by Laurel Sterling, MA, RD, CDN
We typically don’t think about our eye health until we begin having problems with it. What we should be doing is supporting our eyes along the way with the right nutrients they need to keep them working and focusing properly. Various nutrients such as: carotenoids (like lutein and zeaxanthin), beta carotene, vitamin C with citrus bioflavonoids, bilberry, NAC (N-acetyl cysteine), and minerals (like zinc and copper) work as antioxidants that can help boost overall eye health.
Lutein and zeaxanthin are carotenoids found in fruits, vegetables, and other foods, that are stored in high amounts in and around the macula. Zeaxanthin is the predominant carotenoid found in the center of the macula, and lutein is found in higher concentrations in the surrounding retina. Studies suggest high levels of lutein and zeaxanthin in eye tissue are associated with healthy vision, which is why a diet rich in these antioxidants is often recommended. Recent studies show health benefits in taking approximately 10 mg/day of lutein and about 2 mg/day of zeaxanthin.
Beta carotene is an important antioxidant that also acts as a source of vitamin A. Vitamin A is important for healthy vision, as it plays a role in helping the eyes adapt to light changes. Food sources of vitamin A include: cod liver oil, eggs, fortified milk, and orange and yellow fruits and vegetables. Supplemental lower doses of vitamin A are typically found in multivitamins and eye formulas. The DRI (Daily recommended Intake) of retinol or retinyl forms of vitamin A varies from 900 RAE (retinol activity equivalents) to 1,300 RAE. With certain eye issues, even higher amounts are recommended.
Vitamin C and citrus bioflavonoids are additional antioxidants that work to scavenge free radicals and aid in capillary and blood vessel health. Recommendations vary from 500 mg/day of vitamin C with bioflavonoids to a few grams per day. Higher levels depend on bowel tolerance.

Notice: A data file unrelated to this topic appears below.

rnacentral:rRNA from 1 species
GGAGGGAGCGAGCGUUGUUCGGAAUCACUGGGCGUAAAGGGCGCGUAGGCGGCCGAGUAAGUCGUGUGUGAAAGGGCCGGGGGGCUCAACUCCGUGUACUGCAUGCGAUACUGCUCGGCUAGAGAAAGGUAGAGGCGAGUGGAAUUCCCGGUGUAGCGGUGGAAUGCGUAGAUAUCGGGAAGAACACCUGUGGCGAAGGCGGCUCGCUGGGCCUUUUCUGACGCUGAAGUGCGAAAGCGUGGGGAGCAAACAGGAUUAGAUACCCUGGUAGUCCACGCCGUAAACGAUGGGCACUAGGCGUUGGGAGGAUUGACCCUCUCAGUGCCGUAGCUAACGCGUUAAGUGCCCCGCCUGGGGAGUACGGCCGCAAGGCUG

Bilberries are related to blueberries and contain polyphenols and anthocyanidins, two strong antioxidants that supports eye health. N-acetyl cysteine (NAC) is most well-known for its antioxidant effects. NAC increases glutathione, our body's most potent and self-made detoxification compound. Copper is an antioxidant that encourages the development of flexible connective tissue for proper eye structure.
If you're looking to support your eye health, these are some of the most important key nutrients. Many of these are found in a multivitamin/mineral; however, the amounts many not be enough, so an additional supplement may be a good option.
by Jolie Root, LPN, LNC
Melatonin can seem like a miracle supplement for those of us who fly back and forth across multiple time zones for work. Time zone hops can mess with our ability to sleep, and melatonin is one of my favorite tools for resetting. If you feel your resetting needs even more than a Melatonin boost, try adding magnesium and pharma GABA in the evening, about an hour before bed.
Melatonin offers many health benefits. It's a strong antioxidant that directly binds to free radicals, like reactive oxygen and nitrogen species. Adding melatonin also helps our body produce antioxidant enzymes, including glutathione peroxidase and superoxide dismutase. Melatonin has the ability to make harmful molecules less harmful, so our tissues and organs can age more gracefully.